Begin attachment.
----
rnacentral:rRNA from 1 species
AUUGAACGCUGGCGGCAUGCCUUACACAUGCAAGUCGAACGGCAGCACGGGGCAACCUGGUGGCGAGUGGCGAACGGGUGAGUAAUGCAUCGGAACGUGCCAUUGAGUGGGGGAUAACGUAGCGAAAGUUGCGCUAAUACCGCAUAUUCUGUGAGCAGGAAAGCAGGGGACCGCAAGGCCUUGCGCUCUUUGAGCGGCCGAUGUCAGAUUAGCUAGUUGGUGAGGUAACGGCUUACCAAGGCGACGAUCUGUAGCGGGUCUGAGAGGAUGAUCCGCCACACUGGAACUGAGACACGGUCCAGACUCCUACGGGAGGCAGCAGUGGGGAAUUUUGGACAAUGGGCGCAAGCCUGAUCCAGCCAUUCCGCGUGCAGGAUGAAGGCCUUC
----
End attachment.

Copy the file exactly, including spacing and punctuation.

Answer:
rnacentral:rRNA from 1 species
AUUGAACGCUGGCGGCAUGCCUUACACAUGCAAGUCGAACGGCAGCACGGGGCAACCUGGUGGCGAGUGGCGAACGGGUGAGUAAUGCAUCGGAACGUGCCAUUGAGUGGGGGAUAACGUAGCGAAAGUUGCGCUAAUACCGCAUAUUCUGUGAGCAGGAAAGCAGGGGACCGCAAGGCCUUGCGCUCUUUGAGCGGCCGAUGUCAGAUUAGCUAGUUGGUGAGGUAACGGCUUACCAAGGCGACGAUCUGUAGCGGGUCUGAGAGGAUGAUCCGCCACACUGGAACUGAGACACGGUCCAGACUCCUACGGGAGGCAGCAGUGGGGAAUUUUGGACAAUGGGCGCAAGCCUGAUCCAGCCAUUCCGCGUGCAGGAUGAAGGCCUUC